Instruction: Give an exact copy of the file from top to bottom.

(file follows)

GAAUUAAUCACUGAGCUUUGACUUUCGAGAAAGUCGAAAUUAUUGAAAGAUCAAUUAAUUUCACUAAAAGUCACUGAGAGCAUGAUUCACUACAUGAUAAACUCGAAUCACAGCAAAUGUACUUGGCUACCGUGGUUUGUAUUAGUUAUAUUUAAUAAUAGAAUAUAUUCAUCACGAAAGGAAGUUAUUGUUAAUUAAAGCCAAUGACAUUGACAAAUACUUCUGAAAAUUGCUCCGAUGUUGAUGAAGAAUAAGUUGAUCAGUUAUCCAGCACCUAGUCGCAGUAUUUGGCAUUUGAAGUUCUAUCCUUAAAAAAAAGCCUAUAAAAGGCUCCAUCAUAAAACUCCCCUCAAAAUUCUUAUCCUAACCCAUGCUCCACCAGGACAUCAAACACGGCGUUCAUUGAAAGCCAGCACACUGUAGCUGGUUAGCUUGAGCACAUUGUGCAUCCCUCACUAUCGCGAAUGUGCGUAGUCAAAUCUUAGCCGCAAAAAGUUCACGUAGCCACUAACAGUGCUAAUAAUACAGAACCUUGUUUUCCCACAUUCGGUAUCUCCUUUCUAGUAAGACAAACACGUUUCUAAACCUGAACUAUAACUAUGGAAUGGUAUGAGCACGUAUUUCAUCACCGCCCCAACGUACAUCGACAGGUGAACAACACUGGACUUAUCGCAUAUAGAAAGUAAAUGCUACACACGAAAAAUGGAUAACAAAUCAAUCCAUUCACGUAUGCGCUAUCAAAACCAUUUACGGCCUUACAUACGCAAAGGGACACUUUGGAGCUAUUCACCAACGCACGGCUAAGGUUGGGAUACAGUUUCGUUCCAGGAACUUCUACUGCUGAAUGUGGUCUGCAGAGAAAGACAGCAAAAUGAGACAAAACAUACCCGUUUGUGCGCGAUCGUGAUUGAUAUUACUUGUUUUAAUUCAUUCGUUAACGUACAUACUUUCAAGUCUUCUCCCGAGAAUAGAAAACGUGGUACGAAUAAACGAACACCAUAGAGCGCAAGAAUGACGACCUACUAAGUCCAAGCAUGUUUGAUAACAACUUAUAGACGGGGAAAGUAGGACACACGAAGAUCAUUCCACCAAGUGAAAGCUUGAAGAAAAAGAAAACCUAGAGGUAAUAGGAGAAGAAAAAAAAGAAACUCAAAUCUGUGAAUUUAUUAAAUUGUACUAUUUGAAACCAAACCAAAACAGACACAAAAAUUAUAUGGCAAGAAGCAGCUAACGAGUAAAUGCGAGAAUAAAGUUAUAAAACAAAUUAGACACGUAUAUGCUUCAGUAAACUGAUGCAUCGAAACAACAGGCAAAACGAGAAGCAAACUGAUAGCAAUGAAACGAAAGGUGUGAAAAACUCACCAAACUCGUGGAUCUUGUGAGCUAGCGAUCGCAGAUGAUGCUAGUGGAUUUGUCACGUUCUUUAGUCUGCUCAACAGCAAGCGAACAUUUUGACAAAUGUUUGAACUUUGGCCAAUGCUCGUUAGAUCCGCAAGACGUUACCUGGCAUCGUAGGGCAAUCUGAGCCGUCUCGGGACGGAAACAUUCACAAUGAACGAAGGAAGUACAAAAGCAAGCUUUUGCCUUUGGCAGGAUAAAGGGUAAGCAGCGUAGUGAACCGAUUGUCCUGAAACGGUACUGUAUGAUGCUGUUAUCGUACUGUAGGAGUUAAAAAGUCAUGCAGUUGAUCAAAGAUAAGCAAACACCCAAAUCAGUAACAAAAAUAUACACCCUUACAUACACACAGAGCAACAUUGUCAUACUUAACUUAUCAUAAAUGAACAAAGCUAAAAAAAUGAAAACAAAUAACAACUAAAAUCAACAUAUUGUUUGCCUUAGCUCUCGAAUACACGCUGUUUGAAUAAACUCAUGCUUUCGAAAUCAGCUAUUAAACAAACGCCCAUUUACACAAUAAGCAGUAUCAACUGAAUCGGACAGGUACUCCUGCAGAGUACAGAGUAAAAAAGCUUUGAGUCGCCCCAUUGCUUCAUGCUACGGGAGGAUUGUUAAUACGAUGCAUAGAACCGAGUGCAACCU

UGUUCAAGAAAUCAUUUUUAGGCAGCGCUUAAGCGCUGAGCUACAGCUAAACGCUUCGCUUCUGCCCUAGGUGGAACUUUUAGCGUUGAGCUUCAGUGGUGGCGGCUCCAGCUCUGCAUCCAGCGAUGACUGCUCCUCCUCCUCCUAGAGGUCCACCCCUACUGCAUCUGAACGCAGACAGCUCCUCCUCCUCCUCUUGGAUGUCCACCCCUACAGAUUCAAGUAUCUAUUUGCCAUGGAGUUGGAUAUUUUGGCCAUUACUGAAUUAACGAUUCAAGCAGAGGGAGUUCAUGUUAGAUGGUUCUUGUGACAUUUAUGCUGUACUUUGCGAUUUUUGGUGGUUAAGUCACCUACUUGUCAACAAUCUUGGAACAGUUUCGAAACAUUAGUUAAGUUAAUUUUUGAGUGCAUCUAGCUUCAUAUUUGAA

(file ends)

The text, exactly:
GAAUUAAUCACUGAGCUUUGACUUUCGAGAAAGUCGAAAUUAUUGAAAGAUCAAUUAAUUUCACUAAAAGUCACUGAGAGCAUGAUUCACUACAUGAUAAACUCGAAUCACAGCAAAUGUACUUGGCUACCGUGGUUUGUAUUAGUUAUAUUUAAUAAUAGAAUAUAUUCAUCACGAAAGGAAGUUAUUGUUAAUUAAAGCCAAUGACAUUGACAAAUACUUCUGAAAAUUGCUCCGAUGUUGAUGAAGAAUAAGUUGAUCAGUUAUCCAGCACCUAGUCGCAGUAUUUGGCAUUUGAAGUUCUAUCCUUAAAAAAAAGCCUAUAAAAGGCUCCAUCAUAAAACUCCCCUCAAAAUUCUUAUCCUAACCCAUGCUCCACCAGGACAUCAAACACGGCGUUCAUUGAAAGCCAGCACACUGUAGCUGGUUAGCUUGAGCACAUUGUGCAUCCCUCACUAUCGCGAAUGUGCGUAGUCAAAUCUUAGCCGCAAAAAGUUCACGUAGCCACUAACAGUGCUAAUAAUACAGAACCUUGUUUUCCCACAUUCGGUAUCUCCUUUCUAGUAAGACAAACACGUUUCUAAACCUGAACUAUAACUAUGGAAUGGUAUGAGCACGUAUUUCAUCACCGCCCCAACGUACAUCGACAGGUGAACAACACUGGACUUAUCGCAUAUAGAAAGUAAAUGCUACACACGAAAAAUGGAUAACAAAUCAAUCCAUUCACGUAUGCGCUAUCAAAACCAUUUACGGCCUUACAUACGCAAAGGGACACUUUGGAGCUAUUCACCAACGCACGGCUAAGGUUGGGAUACAGUUUCGUUCCAGGAACUUCUACUGCUGAAUGUGGUCUGCAGAGAAAGACAGCAAAAUGAGACAAAACAUACCCGUUUGUGCGCGAUCGUGAUUGAUAUUACUUGUUUUAAUUCAUUCGUUAACGUACAUACUUUCAAGUCUUCUCCCGAGAAUAGAAAACGUGGUACGAAUAAACGAACACCAUAGAGCGCAAGAAUGACGACCUACUAAGUCCAAGCAUGUUUGAUAACAACUUAUAGACGGGGAAAGUAGGACACACGAAGAUCAUUCCACCAAGUGAAAGCUUGAAGAAAAAGAAAACCUAGAGGUAAUAGGAGAAGAAAAAAAAGAAACUCAAAUCUGUGAAUUUAUUAAAUUGUACUAUUUGAAACCAAACCAAAACAGACACAAAAAUUAUAUGGCAAGAAGCAGCUAACGAGUAAAUGCGAGAAUAAAGUUAUAAAACAAAUUAGACACGUAUAUGCUUCAGUAAACUGAUGCAUCGAAACAACAGGCAAAACGAGAAGCAAACUGAUAGCAAUGAAACGAAAGGUGUGAAAAACUCACCAAACUCGUGGAUCUUGUGAGCUAGCGAUCGCAGAUGAUGCUAGUGGAUUUGUCACGUUCUUUAGUCUGCUCAACAGCAAGCGAACAUUUUGACAAAUGUUUGAACUUUGGCCAAUGCUCGUUAGAUCCGCAAGACGUUACCUGGCAUCGUAGGGCAAUCUGAGCCGUCUCGGGACGGAAACAUUCACAAUGAACGAAGGAAGUACAAAAGCAAGCUUUUGCCUUUGGCAGGAUAAAGGGUAAGCAGCGUAGUGAACCGAUUGUCCUGAAACGGUACUGUAUGAUGCUGUUAUCGUACUGUAGGAGUUAAAAAGUCAUGCAGUUGAUCAAAGAUAAGCAAACACCCAAAUCAGUAACAAAAAUAUACACCCUUACAUACACACAGAGCAACAUUGUCAUACUUAACUUAUCAUAAAUGAACAAAGCUAAAAAAAUGAAAACAAAUAACAACUAAAAUCAACAUAUUGUUUGCCUUAGCUCUCGAAUACACGCUGUUUGAAUAAACUCAUGCUUUCGAAAUCAGCUAUUAAACAAACGCCCAUUUACACAAUAAGCAGUAUCAACUGAAUCGGACAGGUACUCCUGCAGAGUACAGAGUAAAAAAGCUUUGAGUCGCCCCAUUGCUUCAUGCUACGGGAGGAUUGUUAAUACGAUGCAUAGAACCGAGUGCAACCU

UGUUCAAGAAAUCAUUUUUAGGCAGCGCUUAAGCGCUGAGCUACAGCUAAACGCUUCGCUUCUGCCCUAGGUGGAACUUUUAGCGUUGAGCUUCAGUGGUGGCGGCUCCAGCUCUGCAUCCAGCGAUGACUGCUCCUCCUCCUCCUAGAGGUCCACCCCUACUGCAUCUGAACGCAGACAGCUCCUCCUCCUCCUCUUGGAUGUCCACCCCUACAGAUUCAAGUAUCUAUUUGCCAUGGAGUUGGAUAUUUUGGCCAUUACUGAAUUAACGAUUCAAGCAGAGGGAGUUCAUGUUAGAUGGUUCUUGUGACAUUUAUGCUGUACUUUGCGAUUUUUGGUGGUUAAGUCACCUACUUGUCAACAAUCUUGGAACAGUUUCGAAACAUUAGUUAAGUUAAUUUUUGAGUGCAUCUAGCUUCAUAUUUGAA